According to a recent report, the ULEZ (Ultra Low Emissions Zone) and LEZ (Low Emission Zone) have lowered emissions in London. Academics at the University of Bath have looked at the launch of the 2008 Low-Emission Zone (LEZ) for lorries and the 2019 Ultra-Low Emission Zone (ULEZ) and have found the schemes have had a positive impact on air quality.
The academics stated that the introduction of the LEZ helped to lower particulate matter (PM10) in Greater London by 13% between 2008 and 2013, compared to between 2003 and 2007. Nitrogen dioxide levels also dropped by almost 19% in 2019 after the launch of ULEZ in Central London, compared to the period between 2016 and 2018.
According to the report, the cleaner air in London as a result of these two schemes contributed to 4.5% fewer long-term health problems and an 8% reduction in illnesses such as asthma and bronchitis.
What About Other Emission Lowering Schemes?
ULEZ and LEZ are designed to lower vehicle-related pollution. However, there are other things which have come to fruition in recent years to lower carbon emissions in an attempt to halt and hopefully reverse the effects of climate change. These include the ban on the sale of traditional house coal, which came about in May 2023. In 2017, the Ready to Burn initiative was launched to help consumers, that use a wood-burning stove, identify if the wood they are buying has a moisture content below 20%. In February 2021, the sale of unseasoned (wet) wood of less than two cubic metres was banned. Also, many parts of the UK are subject to Smoke Control Areas, which means:
* You cant release smoke from a chimney
* You can only burn authorised fuel unless you use an appliance approved by Defra (also known as an ‘exempt appliance’ or ‘Defra approved appliance’).
Fines are in place for those who flout these laws.
The introduction of Ecodesign stoves in January 2022 meant you could only buy a stove that is Ecodesign compliant. This was a huge step forward for stove emissions and further separated them from other wood-burning appliances like open fires and old non-Ecodesign stoves. clearSkies, developed by the SIA (Stove Industry Alliance), is a certification scheme that goes above and beyond all government standards and legal regulations. Only wood-burning stoves with the industry’s lowest emissions of carbon monoxide, nitrogen oxides, organic gaseous compounds and particulate matter (PM) qualify for the clearSkies mark, such as those in the Charlton & Jenrick range.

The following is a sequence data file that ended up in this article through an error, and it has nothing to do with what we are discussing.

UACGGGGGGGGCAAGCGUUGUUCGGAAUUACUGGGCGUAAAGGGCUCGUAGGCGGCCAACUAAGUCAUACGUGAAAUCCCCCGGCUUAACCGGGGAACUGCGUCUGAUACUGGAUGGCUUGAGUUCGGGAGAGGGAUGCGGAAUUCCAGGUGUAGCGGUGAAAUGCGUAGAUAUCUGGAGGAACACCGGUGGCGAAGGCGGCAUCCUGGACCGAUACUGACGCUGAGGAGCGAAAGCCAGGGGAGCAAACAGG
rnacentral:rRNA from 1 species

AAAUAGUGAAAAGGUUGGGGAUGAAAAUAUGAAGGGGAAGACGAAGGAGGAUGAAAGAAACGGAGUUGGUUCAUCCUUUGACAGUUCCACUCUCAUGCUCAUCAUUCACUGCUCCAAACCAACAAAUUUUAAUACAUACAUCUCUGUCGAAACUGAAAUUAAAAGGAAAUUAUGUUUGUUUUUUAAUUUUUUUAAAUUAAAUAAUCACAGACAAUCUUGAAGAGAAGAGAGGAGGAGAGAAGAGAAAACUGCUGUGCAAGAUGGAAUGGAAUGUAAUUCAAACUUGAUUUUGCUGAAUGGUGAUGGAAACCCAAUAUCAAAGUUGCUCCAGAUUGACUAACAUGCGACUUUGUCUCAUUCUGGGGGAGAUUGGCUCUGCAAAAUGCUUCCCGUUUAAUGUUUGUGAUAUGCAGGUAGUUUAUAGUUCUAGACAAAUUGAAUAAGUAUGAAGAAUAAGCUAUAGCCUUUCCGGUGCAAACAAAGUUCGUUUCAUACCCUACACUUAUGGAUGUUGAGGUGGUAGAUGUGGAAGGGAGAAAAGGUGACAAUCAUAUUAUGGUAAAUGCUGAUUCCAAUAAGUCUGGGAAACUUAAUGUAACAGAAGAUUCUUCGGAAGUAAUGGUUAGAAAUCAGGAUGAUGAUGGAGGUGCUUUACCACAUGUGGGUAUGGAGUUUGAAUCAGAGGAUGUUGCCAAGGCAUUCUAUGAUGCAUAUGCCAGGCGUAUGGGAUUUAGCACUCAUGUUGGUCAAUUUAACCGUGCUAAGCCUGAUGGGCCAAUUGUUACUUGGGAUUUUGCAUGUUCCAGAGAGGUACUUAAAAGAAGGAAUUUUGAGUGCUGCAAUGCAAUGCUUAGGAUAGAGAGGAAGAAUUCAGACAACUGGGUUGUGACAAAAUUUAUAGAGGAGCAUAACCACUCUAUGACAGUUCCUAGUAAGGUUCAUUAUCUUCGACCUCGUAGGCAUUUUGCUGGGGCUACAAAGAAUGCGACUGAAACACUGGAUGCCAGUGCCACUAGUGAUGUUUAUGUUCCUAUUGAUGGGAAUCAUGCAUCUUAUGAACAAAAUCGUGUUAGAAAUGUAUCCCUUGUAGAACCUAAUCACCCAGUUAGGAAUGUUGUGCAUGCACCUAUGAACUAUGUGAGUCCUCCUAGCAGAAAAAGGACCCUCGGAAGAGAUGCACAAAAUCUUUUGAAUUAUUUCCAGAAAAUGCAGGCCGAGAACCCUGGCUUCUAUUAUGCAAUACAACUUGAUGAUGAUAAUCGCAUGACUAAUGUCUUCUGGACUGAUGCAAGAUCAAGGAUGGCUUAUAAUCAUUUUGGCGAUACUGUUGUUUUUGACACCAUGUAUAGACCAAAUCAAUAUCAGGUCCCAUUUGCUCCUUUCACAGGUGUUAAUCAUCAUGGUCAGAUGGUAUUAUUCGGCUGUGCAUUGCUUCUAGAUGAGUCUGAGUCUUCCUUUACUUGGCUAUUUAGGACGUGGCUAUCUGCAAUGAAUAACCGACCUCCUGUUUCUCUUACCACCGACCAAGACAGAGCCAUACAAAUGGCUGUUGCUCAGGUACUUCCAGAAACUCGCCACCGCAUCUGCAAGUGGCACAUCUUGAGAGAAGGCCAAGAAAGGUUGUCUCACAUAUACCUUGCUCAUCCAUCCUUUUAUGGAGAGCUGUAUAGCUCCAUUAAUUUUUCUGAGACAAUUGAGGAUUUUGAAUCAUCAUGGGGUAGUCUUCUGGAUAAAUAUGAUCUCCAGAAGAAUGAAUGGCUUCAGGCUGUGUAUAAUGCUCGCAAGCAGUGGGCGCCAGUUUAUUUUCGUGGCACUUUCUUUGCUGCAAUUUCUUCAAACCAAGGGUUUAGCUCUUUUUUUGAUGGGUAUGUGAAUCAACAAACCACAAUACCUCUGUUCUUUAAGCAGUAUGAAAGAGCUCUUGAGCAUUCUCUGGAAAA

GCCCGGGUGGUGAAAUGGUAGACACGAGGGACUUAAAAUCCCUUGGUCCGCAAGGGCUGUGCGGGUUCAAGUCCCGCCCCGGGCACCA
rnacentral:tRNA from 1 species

The Rise of Smoke Control Areas:
Smoke Control Areas have been a lifeline for public health. In the 1950s and 1960s, the UK suffered smog, which was a deadly mixture of both smoke (from the extensive burning of coal) and fog plus other pollution combined. One of the worst smogs of all time was that of the one in 1952, which left many dead in London. The smog was so toxic that it was reported to have choked cows to death, and transport came to an almost standstill. Sadly, this was just one of many that would follow in subsequent years.
The Clean Air Act of 1956 was passed in response to the great smog of 1952. It was in effect until 1964. The Act introduced measures to reduce air pollution, including the introduction of Smoke Control Areas. The key objective behind this was to improve the environment for all following the awful effects of the great smog, and the accumulation of a growing, more polluting population.
Wood-Burning Stoves & Comparisons:
The days of burning coal on an open fire and the issue of smog, in this country at least, are long gone. We can burn solid fuel but with much more consideration placed on the environment. The wood-burning stoves, for example, found in the Charlton & Jenrick range, are all Defra-approved Ecodesign compliant and clearSkies certified. Nowadays, there are incredibly stringent emission levels manufacturers need to meet to burn wood. Comparing an open fire or an old, outdated stove to a new Ecodesign stove, which, sadly, too many misinformed journalists and similar still do, is like comparing a worn-out old gas-guzzler car to a new ultra-low-emission EV simply because they have four wheels….and we are talking about an EV which has had charge from a power station which runs on renewables before anyone asks.
The diagram below shows just how efficient an Ecodesign stove is.